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last update:

18 Jul 14

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Torriano
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and shop elsewhere…
collections –
“Whatever Send the Music Into Time: New and Selected Poems”
Salmon Poetry;
 

“Going, Going…”
bluechrome;
 
“From Cookie to Witch is an Old Story”,
“Somewhere en Route – Poems 1987-1992”,
and
“The Way to Go”
Loxwood Stoneleigh;
 
“From Cookie to Witch is an Old Story”
in letterpress with woodcuts,
Hearing Eye;
 
and in anthologies:
Seren:
“Women’s Work”,
(eds Eva Salzman & Amy Wack);
Hearing Eye:
“Well Versed”
and
“In the Company of Poets”
(ed John Rety)
and
“Sprial Bound”,
(ed Emily Johns)
 
translations:
“Deepening the Mystery”,
Editura SemnE
 
“Born in Romania”,
Contemporary Literature Press;
 

 

 

this poet is taking part in the poetry pRO project

 

Whatever Sends the Music into Time: New and Selected Poems,
published by Salmon Poetry, Ireland, 2012, is the latest collection by Leah Fritz. It is available from bookshops in Ireland, the U.K. and Europe, and North America. See Salmon Poetry
 

 

Whatever Sends the Music into Time includes poems from her four previous collections, From Cookie to Witch is an Old Story (1987), Somewhere en Route (1992), The Way to Go (1999) – published by Loxwood Stoneleigh – and Going, Going…, originally published by bluechrome in 2007.
 
A special letterpress booklet of the title poem of that first collection, illustrated by Emily Johns, was published by Hearing Eye in 2004. About From Cookie to Witch is an Old Story (a poem), Chris Beckett, wrote in Poetry London: ‘Frankly, you shouldn’t even try to resist this book; it’s an old story (or two) beautifully reinvented.’
 
In July, 2014, Născut în România / Born in Romania, a collection of poems by Liviu Ioan Stoiciu, translated by Leah Fritz with Ioana Bușe, was published by the University of Bucharest’s Contemporary Literature Press on the internet in both Romanian and English, with an introduction by the editor, Lidia Vianu and illustrations by Cristina Ioana Young. You can read it here.
 
An earlier translation from the Romanian by Leah Fritz with Alina-Olimpia Miron of the poems in Advâncind misterul / Deepening the Mystery, by Cristiana Maria Purdescu, was published in paperback by Editura SemnE in Bucharest in 2009. Also in that year Leah Fritz was commended by Carol Ann Duffy, adjudicator of the Poetry on the Lake competition, for her poem, Four Gentlemen Reminisce About Allen Ginsberg. Previous honours include second prize in the London Writers Competition and commendation in the Exeter and Devon Poetry Competition.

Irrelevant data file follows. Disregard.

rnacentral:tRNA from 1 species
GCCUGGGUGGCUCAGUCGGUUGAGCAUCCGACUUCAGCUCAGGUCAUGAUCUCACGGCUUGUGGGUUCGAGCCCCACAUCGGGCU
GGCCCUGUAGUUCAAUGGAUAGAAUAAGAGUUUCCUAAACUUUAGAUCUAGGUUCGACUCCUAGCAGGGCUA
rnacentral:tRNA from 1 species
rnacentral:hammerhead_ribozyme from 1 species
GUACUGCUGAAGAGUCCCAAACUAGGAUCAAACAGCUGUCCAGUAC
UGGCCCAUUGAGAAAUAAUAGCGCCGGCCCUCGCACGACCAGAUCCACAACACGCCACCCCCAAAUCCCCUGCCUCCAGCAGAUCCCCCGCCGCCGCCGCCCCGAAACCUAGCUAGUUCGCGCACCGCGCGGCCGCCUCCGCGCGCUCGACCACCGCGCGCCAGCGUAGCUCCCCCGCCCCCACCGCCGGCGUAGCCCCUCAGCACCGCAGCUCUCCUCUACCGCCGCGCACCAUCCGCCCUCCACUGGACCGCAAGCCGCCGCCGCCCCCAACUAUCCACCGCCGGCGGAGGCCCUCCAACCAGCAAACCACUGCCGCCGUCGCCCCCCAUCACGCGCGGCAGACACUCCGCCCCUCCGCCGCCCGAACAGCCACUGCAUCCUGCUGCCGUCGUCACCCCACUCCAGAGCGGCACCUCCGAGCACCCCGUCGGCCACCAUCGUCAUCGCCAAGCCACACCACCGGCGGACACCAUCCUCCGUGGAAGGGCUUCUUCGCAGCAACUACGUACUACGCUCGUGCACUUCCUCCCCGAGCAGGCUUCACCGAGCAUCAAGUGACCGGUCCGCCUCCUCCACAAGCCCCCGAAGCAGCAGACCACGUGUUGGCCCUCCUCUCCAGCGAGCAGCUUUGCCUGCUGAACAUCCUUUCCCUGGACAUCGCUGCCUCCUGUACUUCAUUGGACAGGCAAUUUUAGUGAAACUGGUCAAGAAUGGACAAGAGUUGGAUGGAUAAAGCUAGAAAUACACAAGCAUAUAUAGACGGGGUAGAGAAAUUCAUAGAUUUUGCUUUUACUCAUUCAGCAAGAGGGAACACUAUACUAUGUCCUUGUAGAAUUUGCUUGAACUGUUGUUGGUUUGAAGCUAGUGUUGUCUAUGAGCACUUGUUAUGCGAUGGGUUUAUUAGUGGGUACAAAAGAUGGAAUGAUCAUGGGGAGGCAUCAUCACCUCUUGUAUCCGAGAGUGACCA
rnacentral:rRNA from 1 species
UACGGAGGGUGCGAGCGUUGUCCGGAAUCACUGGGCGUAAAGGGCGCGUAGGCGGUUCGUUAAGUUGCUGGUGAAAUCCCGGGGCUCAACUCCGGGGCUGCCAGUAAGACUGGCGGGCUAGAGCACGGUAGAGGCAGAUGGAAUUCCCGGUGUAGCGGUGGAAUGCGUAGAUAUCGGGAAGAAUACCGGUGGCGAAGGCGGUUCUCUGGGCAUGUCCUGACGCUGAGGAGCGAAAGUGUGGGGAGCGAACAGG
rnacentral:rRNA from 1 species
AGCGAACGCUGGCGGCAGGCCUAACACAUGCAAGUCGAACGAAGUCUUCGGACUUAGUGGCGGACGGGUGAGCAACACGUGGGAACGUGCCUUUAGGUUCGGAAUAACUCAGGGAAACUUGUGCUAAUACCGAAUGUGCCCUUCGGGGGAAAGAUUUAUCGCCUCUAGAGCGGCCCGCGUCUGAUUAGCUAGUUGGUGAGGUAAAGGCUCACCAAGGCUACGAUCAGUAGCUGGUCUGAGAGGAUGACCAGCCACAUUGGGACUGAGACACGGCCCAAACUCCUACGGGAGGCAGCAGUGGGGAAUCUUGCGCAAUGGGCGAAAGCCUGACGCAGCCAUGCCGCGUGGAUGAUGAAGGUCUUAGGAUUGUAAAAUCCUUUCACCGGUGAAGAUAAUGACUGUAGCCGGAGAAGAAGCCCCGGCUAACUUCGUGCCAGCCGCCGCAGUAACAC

Before she moved to London from New York in 1985, two prose non-fiction books were published in the USA: Thinking Like a Woman (Winbooks, New York), a collection of essays and journalism on what was known in the 1960s and ’70s as the ‘counterculture’ and Dreamers & Dealers: An Intimate Appraisal of the Women’s Movement (Beacon Press, Boston). In this connection, Leah Fritz frequently spoke at universities and churches across the US, and in debates on radio and television.
 
In the UK her articles and reviews have appeared in The Guardian, Literary Review, Acumen, PN Review, Poetry Review and other publications. She adjudicated the Petra Kenney Memorial Competition for three years, becoming an honorary patron, and also the Torriano Poetry Competition.
 
Her archives are in the Sallie Bingham Center for Women’s History at Duke University in the USA.
 
Patricia Oxley, the editor of Acumen, has written:

 

Leah Fritz’s poetry constantly reminds its readers of the important problems of life – poverty, hatred, war – yes, these of course – but also love, respect, how ordinary, everyday things can be invested with a life-enhancing sensibility if viewed aright. Her diction is plain, her style taut, yet there is space within her poems for the reader to move around and explore deeper aspects than perhaps a first reading reveals, for hints of wit and irony enliven with a quiet rhetoric which leaves a feeling in the heart rather than an image in the reason. Leah Fritz’s poetry always seems to celebrate life.

 

Of her 1999 collection, The Way to Go, Christopher Middleton commented:

 

Never “cute,” but reaching, in mundanity’s midst, toward acute measures of real experience – not for a single absolute but for the many possible truths – Leah Fritz’s poetry is always enjoyable for its intelligence, wit, satirical sting and freshness of wording.